As you guys can probably imagine, I did a lot of research on breastfeeding before Bates was born. Some of it was by default (that is, most books on childbirth or the different stages of your pregnancy end with a chapter on BFing). I also rented some DVDs and a textbook from the library at the hospital. And one of our childbirth classes devoted a session to it. I felt pretty prepared.
Here is what I've noticed, though. In all of those DVDs and books, certain aspects of the whole experience are left out.
1) In no video do you see a woman trying to breastfeed a crying baby. In theory you should feed the baby before he cries, in actuality, that doesn't happen. (And as you can imagine, no video shows a woman trying to breastfeed an inconsolable, wailing baby either.)
2) In no video do you see anything other than a passive, calm baby. There are no hands flailing around, no legs kicking with all their strength, no head jerking back and forth. You never see a baby latch on and then jerk his head back with all his might (while still latched on). Or see a baby latch on and then, because he's so squirmy, rip at the breast (while still latched on) with his hands. There's never a wrestling match between mother and baby in the videos.
3) In the videos, the baby latches on once and is done. It doesn't take 10 tries (all of which feel like good latches) before the baby is happy enough to finally start feeding.
4) In the videos, breastfeeding takes an appropriate amount of time. The baby latches, eats, disconnects from the breast, and is satisfied and ready for a burp. It doesn't take an hour and a half. The baby doesn't fall asleep every 10 minutes and need to be woken up (thus re-starting the cycle of trying to find the perfect latch).
5) This might be TMI, but in no video do you see open wounds on a woman's nipple that scab over, but get the scab ripped off at the next feeding.
So yeah, even though I was "prepared" to breastfeed, I had no idea what I was in for. The whole experience was taking a toll on me. I found myself anxious before feedings, anticipating the wrestling match that was about to take place. At night, I was unable to eat a lot of dinner because my stomach sort of hurt (which I think was my anxiety about the night ahead of trying to feed). During the actual event, I became really frustrated and often cried as much as the inconsolable baby. There was one night that was just over the top and made me scream for Jonathan to take the baby because I didn't think I could handle being around him anymore. Not exactly the idyllic bonding experience I was going for when I decided to breastfeed.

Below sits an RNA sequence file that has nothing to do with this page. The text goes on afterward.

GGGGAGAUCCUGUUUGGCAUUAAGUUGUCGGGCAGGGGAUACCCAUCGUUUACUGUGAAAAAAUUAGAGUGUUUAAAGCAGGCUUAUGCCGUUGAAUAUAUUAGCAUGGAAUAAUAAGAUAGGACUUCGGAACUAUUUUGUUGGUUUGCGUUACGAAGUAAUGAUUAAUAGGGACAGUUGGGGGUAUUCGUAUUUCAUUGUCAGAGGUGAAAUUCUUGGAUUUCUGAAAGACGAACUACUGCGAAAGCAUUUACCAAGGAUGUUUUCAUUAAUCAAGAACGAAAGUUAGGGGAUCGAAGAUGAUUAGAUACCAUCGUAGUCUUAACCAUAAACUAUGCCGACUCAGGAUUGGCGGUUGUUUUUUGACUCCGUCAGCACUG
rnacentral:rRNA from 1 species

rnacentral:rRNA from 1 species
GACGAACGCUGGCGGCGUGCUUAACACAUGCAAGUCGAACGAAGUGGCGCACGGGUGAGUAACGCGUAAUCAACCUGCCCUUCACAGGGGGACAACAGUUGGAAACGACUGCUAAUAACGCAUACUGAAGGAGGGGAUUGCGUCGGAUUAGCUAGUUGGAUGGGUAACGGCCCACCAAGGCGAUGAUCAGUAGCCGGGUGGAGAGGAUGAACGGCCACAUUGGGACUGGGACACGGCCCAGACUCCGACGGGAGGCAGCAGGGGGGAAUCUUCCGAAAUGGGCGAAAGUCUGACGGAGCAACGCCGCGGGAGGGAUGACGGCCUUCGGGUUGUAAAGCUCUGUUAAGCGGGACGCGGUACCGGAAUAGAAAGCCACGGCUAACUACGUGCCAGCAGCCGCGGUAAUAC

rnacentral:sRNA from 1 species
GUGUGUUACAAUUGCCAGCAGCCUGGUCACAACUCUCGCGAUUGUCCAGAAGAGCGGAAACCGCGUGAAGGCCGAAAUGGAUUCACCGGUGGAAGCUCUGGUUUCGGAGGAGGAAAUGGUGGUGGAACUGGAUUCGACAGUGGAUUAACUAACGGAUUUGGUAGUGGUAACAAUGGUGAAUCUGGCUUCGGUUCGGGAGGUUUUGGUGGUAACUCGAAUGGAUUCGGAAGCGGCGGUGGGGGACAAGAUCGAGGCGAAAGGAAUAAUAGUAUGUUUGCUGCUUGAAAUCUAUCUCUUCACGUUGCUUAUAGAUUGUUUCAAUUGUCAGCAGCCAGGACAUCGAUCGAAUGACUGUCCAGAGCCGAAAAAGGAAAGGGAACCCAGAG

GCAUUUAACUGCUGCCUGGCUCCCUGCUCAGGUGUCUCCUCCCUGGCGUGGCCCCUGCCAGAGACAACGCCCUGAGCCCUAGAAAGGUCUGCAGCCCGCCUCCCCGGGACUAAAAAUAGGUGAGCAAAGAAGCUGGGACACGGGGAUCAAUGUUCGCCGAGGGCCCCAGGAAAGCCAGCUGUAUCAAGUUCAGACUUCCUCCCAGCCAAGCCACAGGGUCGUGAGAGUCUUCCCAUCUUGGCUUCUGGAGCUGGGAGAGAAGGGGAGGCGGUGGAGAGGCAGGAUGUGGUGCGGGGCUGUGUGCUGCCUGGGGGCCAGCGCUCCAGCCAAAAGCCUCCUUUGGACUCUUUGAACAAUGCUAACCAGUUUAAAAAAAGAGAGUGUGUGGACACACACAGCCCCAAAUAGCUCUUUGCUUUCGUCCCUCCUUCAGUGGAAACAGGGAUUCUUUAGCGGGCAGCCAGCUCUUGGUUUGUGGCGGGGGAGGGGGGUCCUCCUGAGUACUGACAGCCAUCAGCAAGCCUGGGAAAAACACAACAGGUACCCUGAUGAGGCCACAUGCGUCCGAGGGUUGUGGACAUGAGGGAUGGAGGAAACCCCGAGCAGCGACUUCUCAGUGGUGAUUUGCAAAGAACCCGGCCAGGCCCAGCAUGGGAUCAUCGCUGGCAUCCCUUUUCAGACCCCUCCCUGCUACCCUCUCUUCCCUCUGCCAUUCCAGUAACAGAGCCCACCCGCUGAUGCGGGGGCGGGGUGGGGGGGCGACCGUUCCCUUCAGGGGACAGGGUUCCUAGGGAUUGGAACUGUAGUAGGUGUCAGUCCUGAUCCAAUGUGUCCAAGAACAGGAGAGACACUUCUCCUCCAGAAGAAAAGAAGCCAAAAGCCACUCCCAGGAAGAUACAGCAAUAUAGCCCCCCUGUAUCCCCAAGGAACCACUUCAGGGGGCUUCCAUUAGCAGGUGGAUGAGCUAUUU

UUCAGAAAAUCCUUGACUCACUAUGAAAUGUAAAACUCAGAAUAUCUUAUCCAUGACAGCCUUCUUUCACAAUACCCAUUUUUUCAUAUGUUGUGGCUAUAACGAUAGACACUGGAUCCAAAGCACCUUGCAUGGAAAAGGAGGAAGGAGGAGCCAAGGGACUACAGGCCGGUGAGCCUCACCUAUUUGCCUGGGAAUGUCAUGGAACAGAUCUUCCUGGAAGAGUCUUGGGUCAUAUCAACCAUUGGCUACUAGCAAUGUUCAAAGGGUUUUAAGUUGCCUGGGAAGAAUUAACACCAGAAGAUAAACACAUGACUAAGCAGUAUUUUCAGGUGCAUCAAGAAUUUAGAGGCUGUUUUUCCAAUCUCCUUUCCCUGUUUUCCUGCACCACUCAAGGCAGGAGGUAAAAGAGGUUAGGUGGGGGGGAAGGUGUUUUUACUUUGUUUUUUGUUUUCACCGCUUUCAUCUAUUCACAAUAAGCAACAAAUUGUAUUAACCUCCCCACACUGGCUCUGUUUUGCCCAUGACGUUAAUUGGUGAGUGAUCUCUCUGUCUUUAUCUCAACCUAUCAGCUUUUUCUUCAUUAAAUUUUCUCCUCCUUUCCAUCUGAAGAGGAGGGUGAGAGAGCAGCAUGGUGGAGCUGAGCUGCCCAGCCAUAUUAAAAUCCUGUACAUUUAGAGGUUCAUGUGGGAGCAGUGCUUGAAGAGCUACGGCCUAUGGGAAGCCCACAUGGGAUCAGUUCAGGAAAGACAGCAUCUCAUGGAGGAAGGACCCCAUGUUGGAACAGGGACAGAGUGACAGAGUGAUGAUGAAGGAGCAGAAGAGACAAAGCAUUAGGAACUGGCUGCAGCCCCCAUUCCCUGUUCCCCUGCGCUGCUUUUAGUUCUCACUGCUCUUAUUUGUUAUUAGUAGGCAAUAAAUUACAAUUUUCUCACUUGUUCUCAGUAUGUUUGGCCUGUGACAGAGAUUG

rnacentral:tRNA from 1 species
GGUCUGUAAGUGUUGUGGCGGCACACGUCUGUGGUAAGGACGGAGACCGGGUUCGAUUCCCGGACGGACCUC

I met with 2 lactation consultants while we were still in the hospital, then I had a phone consultation with one and a follow up, in-person meeting with her a couple days later. I would come off of those talks feeling good, and we'd have maybe one good feed, then it would all go downhill again.
And so on Friday last week, I made a decision. Nipple confusion or not, I was going to pump and give Bates bottles of breastmilk instead of nursing him.
And you guys, oh my gosh. This has seriously (not to be dramatic) changed my relationship with my son. I am able to pump milk and feed it to him in a loving, bonding experience. We still get to have lots of snuggle time, but there's none of the frustration for either of us. My open wounds are healing. I'm not in serious pain when I pump. I don't have to be aggressive and pin down his arms and legs while trying to get him to latch. And, daddy can be a part of feedings, too.
Thankfully, it seems I have an abundant milk supply, which makes the exclusive pumping do-able. This is our solution at the moment. I think once I'm completely healed I'll try to take him to breast again to see how it goes (since we had the bottom of his tongue slightly clipped at the doctor on Friday). But I'm pretty happy with where things are right now. I sort of feel like a slave to the pump. But at the same time, if my options are slave away with the machine or give him formula, I'll take the machine for now. I don't like that we won't have the ease of feeding if we're out and about, but at the same time, given the way our feedings were going, I wouldn't have been able to nurse him in public. Actually, I tried to nurse him at the doctor's office on Friday and instead we had to cancel our post-doctor errand so I could drive home and feed him because we just couldn't do it away from all the pillows and such we needed. (Not to mention the doctor probably wouldn't have wanted a room tied up for an hour and a half while he took his sweet time to eat.)
His weight wasn't back up where it should've been at the doctor either, so we're hoping with some monitoring of ounces per day he'll get back up to birth weight.
I'll keep you posted!